As for Indus, they've lately offered people interviews after a single online internship β€” which is notable, because most T1/T2 firms won't even offer an online internship anymore, much less actually asses people in the same. They do have a troubling practice of offering 'paralegalship' to non-T1 NLU interns who do well, but if you're from a top college, Indus doesn't usually appear too stringent β€” unless you're in a team that doesn't hire. Unlike Saraf etc which have a 'common pool' PPO interview even if the team that you interned with doesn't hire, Indus does not appear to have the same. So, if you end up in a saturated team, then yes, there's not much you can do. But otherwise, even though the firm slowed its hiring when it saw a heavy exodus of partners, its current hiring trends seem to be on a comfortable rise.
JSA > Trilegal > Luthra> KCo/SAM > AZB > CAM. Indus and Saraf also give decent PPOs may be because they are new and still expanding.
Trilegal ....."Sorry.We only want the best of the lot since we pay the highest'
Have seen KCO giving second internships (without calling them callback or assessment internships) in rare cases depending on the practice area. Does it mean they’re interested in hiring?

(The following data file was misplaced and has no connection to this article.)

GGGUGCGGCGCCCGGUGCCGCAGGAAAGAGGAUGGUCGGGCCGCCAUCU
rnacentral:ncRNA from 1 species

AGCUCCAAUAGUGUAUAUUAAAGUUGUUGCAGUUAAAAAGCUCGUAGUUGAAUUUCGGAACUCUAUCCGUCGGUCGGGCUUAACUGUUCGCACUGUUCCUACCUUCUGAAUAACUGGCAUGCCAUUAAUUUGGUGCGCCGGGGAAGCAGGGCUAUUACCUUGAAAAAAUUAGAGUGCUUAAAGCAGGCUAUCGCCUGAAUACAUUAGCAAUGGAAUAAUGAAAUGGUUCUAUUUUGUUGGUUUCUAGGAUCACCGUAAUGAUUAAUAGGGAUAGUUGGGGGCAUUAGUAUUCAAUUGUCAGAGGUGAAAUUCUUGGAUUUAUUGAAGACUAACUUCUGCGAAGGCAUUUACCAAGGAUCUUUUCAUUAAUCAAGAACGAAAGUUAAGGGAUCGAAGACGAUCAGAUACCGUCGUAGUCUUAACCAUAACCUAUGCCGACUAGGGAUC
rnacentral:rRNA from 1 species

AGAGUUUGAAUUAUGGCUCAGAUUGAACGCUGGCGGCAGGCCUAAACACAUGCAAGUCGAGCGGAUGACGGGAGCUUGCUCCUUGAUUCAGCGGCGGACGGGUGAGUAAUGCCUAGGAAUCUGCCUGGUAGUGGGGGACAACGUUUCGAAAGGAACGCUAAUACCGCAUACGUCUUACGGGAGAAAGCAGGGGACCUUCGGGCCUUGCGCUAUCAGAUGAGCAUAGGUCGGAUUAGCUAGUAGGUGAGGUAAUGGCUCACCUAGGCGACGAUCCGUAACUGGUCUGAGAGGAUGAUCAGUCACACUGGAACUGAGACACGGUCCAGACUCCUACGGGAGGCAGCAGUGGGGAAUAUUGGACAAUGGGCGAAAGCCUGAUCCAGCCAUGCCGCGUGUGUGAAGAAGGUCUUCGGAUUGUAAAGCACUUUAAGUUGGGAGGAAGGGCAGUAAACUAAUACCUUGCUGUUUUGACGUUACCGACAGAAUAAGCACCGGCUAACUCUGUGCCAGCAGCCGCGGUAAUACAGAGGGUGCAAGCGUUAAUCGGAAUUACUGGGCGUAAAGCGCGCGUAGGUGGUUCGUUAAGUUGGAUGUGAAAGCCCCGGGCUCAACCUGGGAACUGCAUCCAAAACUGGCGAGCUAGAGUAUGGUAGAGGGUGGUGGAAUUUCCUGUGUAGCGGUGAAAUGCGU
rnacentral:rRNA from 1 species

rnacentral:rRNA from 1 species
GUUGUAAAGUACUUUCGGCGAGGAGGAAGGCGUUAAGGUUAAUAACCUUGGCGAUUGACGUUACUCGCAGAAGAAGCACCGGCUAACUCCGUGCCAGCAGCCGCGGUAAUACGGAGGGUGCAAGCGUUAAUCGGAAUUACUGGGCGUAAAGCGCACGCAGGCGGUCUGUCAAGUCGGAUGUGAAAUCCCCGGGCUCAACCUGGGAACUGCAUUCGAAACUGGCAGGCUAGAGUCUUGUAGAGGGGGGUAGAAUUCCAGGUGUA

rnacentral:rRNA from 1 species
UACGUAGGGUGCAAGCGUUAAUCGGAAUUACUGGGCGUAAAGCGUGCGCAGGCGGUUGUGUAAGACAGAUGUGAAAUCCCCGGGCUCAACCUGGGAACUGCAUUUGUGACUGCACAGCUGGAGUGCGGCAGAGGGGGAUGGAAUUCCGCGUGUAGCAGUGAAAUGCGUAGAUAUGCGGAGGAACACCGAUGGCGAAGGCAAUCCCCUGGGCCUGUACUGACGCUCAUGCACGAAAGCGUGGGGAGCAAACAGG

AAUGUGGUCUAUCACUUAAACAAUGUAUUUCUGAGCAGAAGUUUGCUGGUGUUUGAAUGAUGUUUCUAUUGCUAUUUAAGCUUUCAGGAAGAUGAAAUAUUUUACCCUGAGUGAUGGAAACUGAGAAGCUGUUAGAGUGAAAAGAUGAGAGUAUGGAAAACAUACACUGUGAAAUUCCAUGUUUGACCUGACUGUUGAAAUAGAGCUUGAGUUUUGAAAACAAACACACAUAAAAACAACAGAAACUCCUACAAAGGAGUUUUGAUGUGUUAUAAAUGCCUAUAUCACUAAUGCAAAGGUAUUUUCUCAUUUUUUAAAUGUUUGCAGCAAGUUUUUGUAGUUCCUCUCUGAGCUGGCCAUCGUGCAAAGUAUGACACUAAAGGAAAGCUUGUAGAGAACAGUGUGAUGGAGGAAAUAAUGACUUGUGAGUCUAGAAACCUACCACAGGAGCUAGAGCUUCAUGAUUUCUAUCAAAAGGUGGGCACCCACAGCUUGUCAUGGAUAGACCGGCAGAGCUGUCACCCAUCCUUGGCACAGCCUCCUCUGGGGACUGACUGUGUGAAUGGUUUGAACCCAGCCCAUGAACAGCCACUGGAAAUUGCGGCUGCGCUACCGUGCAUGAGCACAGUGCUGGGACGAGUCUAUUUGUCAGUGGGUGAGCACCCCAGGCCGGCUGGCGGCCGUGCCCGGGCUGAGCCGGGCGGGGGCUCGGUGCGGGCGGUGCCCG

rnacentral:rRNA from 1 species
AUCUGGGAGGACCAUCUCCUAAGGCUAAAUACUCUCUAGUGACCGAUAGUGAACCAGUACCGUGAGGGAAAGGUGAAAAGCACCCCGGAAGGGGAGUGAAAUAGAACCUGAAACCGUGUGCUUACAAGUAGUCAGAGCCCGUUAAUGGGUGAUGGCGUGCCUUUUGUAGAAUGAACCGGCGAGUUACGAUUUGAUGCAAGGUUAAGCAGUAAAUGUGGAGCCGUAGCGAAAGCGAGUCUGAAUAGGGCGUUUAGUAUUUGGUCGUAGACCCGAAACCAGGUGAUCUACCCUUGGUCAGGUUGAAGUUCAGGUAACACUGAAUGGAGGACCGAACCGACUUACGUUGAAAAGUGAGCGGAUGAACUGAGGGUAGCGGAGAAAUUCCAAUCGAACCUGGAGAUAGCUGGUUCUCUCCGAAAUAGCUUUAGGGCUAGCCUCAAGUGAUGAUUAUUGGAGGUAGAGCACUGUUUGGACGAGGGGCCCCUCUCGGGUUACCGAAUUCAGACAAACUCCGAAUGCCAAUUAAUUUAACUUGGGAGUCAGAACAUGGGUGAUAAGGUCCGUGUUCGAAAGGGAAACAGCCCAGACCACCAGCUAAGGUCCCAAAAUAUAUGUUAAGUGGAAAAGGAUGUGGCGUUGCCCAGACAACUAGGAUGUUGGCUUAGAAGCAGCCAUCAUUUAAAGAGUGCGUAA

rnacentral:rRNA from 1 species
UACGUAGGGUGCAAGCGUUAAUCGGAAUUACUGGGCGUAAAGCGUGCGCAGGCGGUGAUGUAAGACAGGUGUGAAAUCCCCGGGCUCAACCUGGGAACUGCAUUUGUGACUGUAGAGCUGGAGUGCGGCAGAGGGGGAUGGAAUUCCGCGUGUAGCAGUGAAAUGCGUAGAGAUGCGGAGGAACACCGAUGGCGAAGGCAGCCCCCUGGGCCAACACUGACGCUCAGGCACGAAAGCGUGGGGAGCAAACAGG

"And seventh, that JSA is undoubtedly the most reluctant of them all. The underlying issue is that there are too many stakeholders whose consent is required for making an offer."

This doesn't make sense. Hiring at JSA is similar to hiring at any other firm - it's solely on the Equity Partner. There are no other "stakeholders".

Source: I'm at JSA. No one except my EP has any say in my (or any other team member's) hiring.
Hi, I acknowledge that the EP has the ultimate say in hiring. However, because of the structure of the internship, one would have to impress too many people before even being put forth as a potential hiring to an EP by a salaried partner. Even impressing the salaried partner itself is not enough at JSA.

By contrast, any firm from S/CAM to Khaitan to Saraf would only require you to impress the people you were assigned to work with β€” often, the interns never even get to work with the salaried partner at any of these firms, and yet, they get the PPO interview. Once you get an interview at any of these other places, if you do well at the interview, you get the job.

At JSA, I've even heard of instances where people have not just received a call for interview with the salaried partner, but also done exceedingly well at that interview β€” and yet been denied the final interview/job by the EP.